In many cultures around the world, Winter Solstice signifies re-birth. The return of the sun god or goddess.
In my last post, I talked about the standing still of the sun, that moment of peace. But human existence, to early peoples, was reliant on the sun. It was imperative to welcome it back. Only the return of the sun would bring new crops, new cycles of life.
The standing stones at Stonehenge in Britain, are associated with death, and are aligned so that when people came up the avenue into the circle, they would be facing the setting of the sun on the winter solstice.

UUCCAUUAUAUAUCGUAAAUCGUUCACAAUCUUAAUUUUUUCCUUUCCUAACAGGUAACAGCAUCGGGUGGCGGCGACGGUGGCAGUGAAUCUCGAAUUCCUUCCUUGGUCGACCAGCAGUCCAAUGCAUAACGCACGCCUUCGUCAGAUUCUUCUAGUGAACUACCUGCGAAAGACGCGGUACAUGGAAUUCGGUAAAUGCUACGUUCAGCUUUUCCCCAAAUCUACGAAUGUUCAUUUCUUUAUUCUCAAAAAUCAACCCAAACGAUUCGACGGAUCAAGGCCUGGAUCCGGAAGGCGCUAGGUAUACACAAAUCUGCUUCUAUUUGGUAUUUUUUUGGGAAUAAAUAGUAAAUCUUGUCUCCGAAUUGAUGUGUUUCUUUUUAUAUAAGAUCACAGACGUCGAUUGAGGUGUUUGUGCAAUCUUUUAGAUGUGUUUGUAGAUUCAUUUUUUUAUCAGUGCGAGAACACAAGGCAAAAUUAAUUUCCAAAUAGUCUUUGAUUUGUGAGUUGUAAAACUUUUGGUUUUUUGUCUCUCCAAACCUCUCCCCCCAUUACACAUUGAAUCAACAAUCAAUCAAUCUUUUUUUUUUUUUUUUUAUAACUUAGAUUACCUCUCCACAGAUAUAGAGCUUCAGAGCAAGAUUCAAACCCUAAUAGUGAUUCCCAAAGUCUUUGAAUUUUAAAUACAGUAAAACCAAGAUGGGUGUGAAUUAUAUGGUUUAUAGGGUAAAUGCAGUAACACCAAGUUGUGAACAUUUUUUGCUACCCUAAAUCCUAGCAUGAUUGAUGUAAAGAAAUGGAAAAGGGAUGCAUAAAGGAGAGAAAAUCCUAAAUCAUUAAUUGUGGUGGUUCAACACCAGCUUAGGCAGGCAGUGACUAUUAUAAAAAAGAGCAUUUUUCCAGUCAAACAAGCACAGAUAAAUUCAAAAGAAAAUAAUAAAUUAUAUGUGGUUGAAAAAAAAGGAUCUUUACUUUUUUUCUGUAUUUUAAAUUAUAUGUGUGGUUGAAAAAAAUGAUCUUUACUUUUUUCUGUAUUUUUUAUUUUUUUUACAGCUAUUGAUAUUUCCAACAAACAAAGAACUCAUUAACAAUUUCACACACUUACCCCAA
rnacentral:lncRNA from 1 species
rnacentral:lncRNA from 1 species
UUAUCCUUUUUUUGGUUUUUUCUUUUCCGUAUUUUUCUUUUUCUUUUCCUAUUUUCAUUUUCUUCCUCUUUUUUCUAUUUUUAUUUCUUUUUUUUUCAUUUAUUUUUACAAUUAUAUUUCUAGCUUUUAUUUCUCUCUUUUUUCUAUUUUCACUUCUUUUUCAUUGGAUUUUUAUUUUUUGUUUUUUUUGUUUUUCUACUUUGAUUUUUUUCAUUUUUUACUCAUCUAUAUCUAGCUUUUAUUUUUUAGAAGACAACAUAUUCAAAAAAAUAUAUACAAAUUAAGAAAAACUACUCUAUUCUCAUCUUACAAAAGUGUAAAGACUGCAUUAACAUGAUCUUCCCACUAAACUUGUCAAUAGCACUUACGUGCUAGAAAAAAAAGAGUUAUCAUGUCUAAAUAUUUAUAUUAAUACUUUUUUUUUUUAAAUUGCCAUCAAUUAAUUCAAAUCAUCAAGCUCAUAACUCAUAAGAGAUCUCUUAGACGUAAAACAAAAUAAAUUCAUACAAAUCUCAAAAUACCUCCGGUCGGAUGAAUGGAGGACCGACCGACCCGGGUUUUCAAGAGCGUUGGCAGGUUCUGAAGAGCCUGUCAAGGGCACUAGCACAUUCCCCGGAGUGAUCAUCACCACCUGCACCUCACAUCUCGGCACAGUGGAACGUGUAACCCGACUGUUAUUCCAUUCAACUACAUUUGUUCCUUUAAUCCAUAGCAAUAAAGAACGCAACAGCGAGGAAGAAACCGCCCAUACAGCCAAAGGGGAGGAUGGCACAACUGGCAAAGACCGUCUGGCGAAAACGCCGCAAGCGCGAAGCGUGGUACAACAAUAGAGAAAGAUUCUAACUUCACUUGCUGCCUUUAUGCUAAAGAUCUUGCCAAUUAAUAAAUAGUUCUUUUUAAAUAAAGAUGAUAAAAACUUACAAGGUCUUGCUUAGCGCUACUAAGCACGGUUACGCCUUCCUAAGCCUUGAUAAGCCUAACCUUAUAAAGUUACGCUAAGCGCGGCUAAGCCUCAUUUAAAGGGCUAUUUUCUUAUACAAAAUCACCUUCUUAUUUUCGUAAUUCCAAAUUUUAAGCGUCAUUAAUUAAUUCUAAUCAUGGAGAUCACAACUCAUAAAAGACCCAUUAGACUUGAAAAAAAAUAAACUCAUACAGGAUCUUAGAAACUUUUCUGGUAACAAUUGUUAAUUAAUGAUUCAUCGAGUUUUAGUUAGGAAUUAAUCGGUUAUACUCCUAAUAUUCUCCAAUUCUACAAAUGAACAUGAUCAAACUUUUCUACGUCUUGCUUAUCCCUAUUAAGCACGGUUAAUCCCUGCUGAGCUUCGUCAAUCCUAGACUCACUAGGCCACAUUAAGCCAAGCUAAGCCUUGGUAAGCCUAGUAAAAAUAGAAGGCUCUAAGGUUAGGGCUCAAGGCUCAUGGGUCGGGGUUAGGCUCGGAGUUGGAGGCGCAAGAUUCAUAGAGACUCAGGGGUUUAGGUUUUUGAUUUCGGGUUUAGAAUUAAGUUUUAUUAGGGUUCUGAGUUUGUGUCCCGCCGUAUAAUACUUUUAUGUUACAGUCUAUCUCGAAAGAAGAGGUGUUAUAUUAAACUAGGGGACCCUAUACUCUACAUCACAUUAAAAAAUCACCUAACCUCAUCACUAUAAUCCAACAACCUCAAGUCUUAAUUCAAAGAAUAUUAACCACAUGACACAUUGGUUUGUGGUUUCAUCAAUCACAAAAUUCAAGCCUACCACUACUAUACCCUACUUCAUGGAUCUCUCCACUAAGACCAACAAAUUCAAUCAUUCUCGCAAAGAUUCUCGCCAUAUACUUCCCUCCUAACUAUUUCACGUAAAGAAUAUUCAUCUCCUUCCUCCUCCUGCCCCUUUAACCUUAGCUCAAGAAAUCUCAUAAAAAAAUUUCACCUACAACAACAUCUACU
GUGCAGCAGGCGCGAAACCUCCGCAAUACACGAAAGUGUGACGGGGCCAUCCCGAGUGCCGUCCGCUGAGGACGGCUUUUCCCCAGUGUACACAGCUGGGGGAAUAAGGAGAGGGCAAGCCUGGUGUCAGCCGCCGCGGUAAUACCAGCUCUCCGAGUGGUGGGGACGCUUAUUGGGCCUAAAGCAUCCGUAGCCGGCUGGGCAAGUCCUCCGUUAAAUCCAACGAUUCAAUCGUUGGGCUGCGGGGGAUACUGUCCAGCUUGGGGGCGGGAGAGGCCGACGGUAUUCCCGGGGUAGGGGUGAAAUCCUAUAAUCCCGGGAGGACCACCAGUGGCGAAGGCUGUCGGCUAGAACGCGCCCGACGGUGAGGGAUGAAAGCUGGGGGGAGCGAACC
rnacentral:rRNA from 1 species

This would in fact have been the day that the cattle and other livestock would have been slaughtered for the winter, and also the time at which beer and wine would have finished the fermentation process.
But at the point of despair, the shortest day and longest night, comes new hope, as the earth continues on its journey around the sun, and the days begin to lengthen.
The sun, in older cultures, often symbolises strength and steadiness. Whether the days are getting shorter or longer, it has always been our experience that night will turn to day - the sun always rises. Without the sun, the moon would not be visible to us through reflected light.
But it also is at the centre, so in human terms, for those who believe in such - the soul. To contemplate the sun is to contemplate the centre of our being, and when better to do so than at Solstice ?
There is a T'lingit First Nations' saying that 'The Sun and the Moon belong to Women'. Something to meditate on in any event.